GC Impact: Pipe dreams come true; Lahuria Deh village receives piped water supply
A ground report that was part of Gaon Connection’s Paani Yatra series last summer was a catalyst that helped bring piped water to Lahuria Deh village located on a hilltop in Mirzapur district of Uttar Pradesh.
Brijendra Dubey 11 Sep 2023 7:25 AM GMT
Lahuria Deh (Mirzapur), Uttar Pradesh
The women of Lahuria Deh are finally able to sleep peacefully at night. The children of the village no longer get late for school, and men of marriageable age are happy about the prospect of finding a bride.
All this because the village, which is located in the hilly terrain of Mirzapur in Uttar Pradesh and was infamous as a ‘tanker’ village, has started to receive piped water supply.
Last month, on August 29, pipelines carrying water 16 kilometres uphill to Lahuria Deh from the foothills, became operational. For the first time the 1,200 odd village inhabitants in Devhat gram panchayat had as much water as they needed, without having to ration water supplied through tankers. The neighbouring Bhaisod Balay village too has been provided piped water supply.
“Not only did we get water to the village, but our well has been repaired too. After a puja, the water from the pipeline was released into our village,” Harilal, an inhabitant of Lahuria Deh village, told Gaon Connection. He said that he was relieved as now his family members did not have to wait for a water tanker, and were no longer required to trek into the jungles to collect water from the waterfalls and streams inside.
It was a year ago, in May 2022, when as part of its Paani Yatra series, Gaon Connection published a ground report on the water woes of Lahuria Deh village, which was completely dependent on water tankers and water was rationed with each villager allowed to collect only 15 litres of water to meet all their needs — cooking, bathing, drinking.
After Gaon Connection’s report, the administration pressed additional water tankers into service however, Lahuria Deh remained a ‘tanker’ village and no one wanted to give their daughters in marriage here because of its terrible water shortage.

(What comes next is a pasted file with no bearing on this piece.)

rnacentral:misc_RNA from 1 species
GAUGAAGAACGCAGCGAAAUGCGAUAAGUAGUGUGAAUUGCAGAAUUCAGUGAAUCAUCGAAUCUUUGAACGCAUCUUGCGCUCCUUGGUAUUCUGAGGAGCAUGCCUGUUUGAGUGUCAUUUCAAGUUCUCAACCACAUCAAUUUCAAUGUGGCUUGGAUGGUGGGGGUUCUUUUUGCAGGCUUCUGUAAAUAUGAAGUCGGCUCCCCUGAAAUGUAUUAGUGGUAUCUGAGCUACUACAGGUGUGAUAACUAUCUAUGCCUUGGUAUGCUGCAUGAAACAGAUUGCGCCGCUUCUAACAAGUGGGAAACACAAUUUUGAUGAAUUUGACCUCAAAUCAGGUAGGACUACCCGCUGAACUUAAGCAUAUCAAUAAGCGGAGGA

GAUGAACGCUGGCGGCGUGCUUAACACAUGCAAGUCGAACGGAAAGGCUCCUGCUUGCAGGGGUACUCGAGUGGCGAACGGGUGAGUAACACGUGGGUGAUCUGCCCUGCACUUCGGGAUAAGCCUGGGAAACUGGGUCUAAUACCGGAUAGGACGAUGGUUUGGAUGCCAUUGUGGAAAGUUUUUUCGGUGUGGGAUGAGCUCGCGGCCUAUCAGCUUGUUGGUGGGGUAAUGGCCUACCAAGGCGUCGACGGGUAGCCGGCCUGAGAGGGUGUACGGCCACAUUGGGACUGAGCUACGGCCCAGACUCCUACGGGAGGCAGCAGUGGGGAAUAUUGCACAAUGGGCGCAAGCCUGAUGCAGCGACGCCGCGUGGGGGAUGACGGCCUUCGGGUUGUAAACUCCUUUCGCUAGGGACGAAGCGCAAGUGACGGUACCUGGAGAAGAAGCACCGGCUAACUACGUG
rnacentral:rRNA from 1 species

It was then that Divya Mittal, district magistrate of Mirzapur, took note of the water problem, visited the village, and announced the laying of pipelines to the village. And water finally reached Lahuria Deh on August 29. Mittal was, however, recently transferred to Basti district, and has now been put on a waiting list by the state government.
Budhni Devi, who lives in the village, recalled a surprise visit by the district magistrate to the dilapidated village well. “We were at the village well drawing water and she could see there was barely any water in the well. No one recognised her at first. But when we did, we asked her if she could at least arrange for more drinking water for us,” said the 50-year-old villager.
“We used to spend sleepless nights worrying about water. We had to trek many miles to the waterfall in the jungle to collect water in vessels and bring it back home,” she added.
“For 20 years or more, we had struggled. No authority had bothered with us and there were daily fights amongst us when the tanker came into the village. Summers with the temperatures hovering at 45 degrees celsius, were the worst,” she recalled.
But all that is a thing of the past now as villagers of Lahuria Deh have started to receive water through pipelines.
An uphill task
Bringing water to Lahuria Deh wasn’t an easy task. The district magistrate was appraised of the situation. Mittal was told because of the location of the village on a hilltop in eastern Uttar Pradesh, there was negligible groundwater there, and handpumps barely worked.
Under the Har Ghar Nal Yojana scheme, Mittal sanctioned the laying of the water pipes to the village at the cost of eight crore rupees. The Har Ghar Nal Yojana, a scheme launched by the central government’s Jal Jeevan Mission in 2019, assures every rural household a tap connection by 2024.
“There were a lot of challenges in laying the water pipes and reaching water to the village. Many people told me that it would be impossible to lay water pipes to the village,” district magistrate Mittal told Gaon Connection. “But the team worked hard and we did it, and I could not be happier. I hope the village progresses and its inhabitants always have enough water,” she added.
The water to the village takes a long uphill route. “The water comes from the Adva dam in Mirzapur. From there it travels to Galra Pump House and then to Drummond Ganj Pump House from where 16 kilometres of pipelines carry it to the homes of the inhabitants of Lahuria Deh and Bhaisod Balay villages, with the help of lift machines,” Naman Singh, the Jal Nigam pump operator at Drummond Ganj, told Gaon Connection.
Till now, the nearest source of water to the village was five kilometres away at Bhaisod Balay village, said Suraj Kumar Yadav. “We had to bring water back in big vessels that we sometimes transported in trucks we hired,” said the 27-year-old from Lahuria Deh.
He was thrilled that the district magistrate had made good her promise and the village now had running water. “She has also promised to upgrade the village school that is till the fifth class now and make it till class eight,” Yadav said.
However, after the piped water supply reached Lahuria Deh, Mittal was transferred to Basti district and has not now been put on a waiting list by the state government.